The final stage of the analysis was to integrate the results from the Neighborhood Life Survey with datasets that were derived from experts, including socio-demographics, water and energy use, and habitat in the area. The integration of ‘bottom up’ social perceptions and ‘top down’ agency-derived data allowed us to identify places where sustainability projects can have multiple benefits by improving their social and environmental qualities.
CASE STUDY 2: Healthy Trees, Healthy People
Healthy Trees, Healthy People (HtHp) program at Portland State University is a United States Forest Service funded project that aims to find canopy designs that most effectively improve the public's health. HtHp is comprised of an interdisciplinary research team, and thirteen partnering cities from across the United States, who will collaborate through 2015 to quantify the health benefits of the urban forest. With a goal of assessing biologically-based improvements to air quality and urban heat islands, one of the goals of HtHp is to develop a spatially-explicit decision making tool for land managers to prioritize urban forestry campaigns that improve the public’s health.
More information about HtHp can be found at www.treesandhealth.org. Below we use the same six-step approach to illustrate how a the SUPR Map platform was applied to identify specific tree planting locations for each of the 13 partnering cities.
Step 1 | Tree Planting Locations
The HtHp team conducted a two-part survey over the fall of 2013 and winter 2014. The goal was to identify how urban forestry professionals in 13 select pilot cities identify and prioritize tree planting locations. The first survey (fall 2013) aimed to understand how and in what way an online mapping tool may help with this task in these cities. The use of the SUPR Map survey (winter 2014) aimed to understand the locations for tree plantings in response to improving the public’s health in each of these cities.
Step 2 | Urban Foresters, Land-use Planners, and Public Health Officials
The audience for the HtHp survey was created through identifying a national network of public health professionals, land use planners and urban foresters who may play a role in the management of the urban forests.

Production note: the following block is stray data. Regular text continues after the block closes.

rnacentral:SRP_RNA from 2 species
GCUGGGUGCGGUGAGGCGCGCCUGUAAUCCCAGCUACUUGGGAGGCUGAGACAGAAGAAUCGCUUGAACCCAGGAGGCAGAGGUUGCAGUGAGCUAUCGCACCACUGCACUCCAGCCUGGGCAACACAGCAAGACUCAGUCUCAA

Step 3 | Registered on SUPR Map
The HtHp researchers registered on SUPR Map and developed a two question survey.
Step 4 | Identify Places in Need of Trees in Response to Public Health Benefits
The SUPR Map survey (winter 2014) consisted of two questions. The first component asked respondents to select up to 3 locations (at a neighborhood or comparable size) within their jurisdictions. They were instructed to place a ‘polygon’ in three areas where an expansion of the tree canopy would potentially improve the public’s health. The second part asked them to explain in more detail why they selected those locations (eg., reducing heat island effect, decrease energy use, combat air and/or water pollution, etc.). The locations collected by the HtHp team allowed for a spatial understanding of areas in their partnering cities that local managers identified as in need of more tree canopy.
Step 5 | Online Implementation
Due to the vast geographic diversity of the audience, this SUPR Map survey only provided a link specified to each partnering city. The SUPR Map survey was administered to all stakeholders and partners via an emailed link, and through a series of memorandums and reports.
Step 6 | Analysis via ArcMap + Google Earth
The results from the survey, while still preliminary, are illustrating significant spatial patterns and agreement by participants on which areas in their jurisdictions require more trees. The open-ended questions have also describe concerns about reducing urban heat island effects and mitigating air pollution as the main goals of increasing the urban forest among many of the HtHp partnering cities.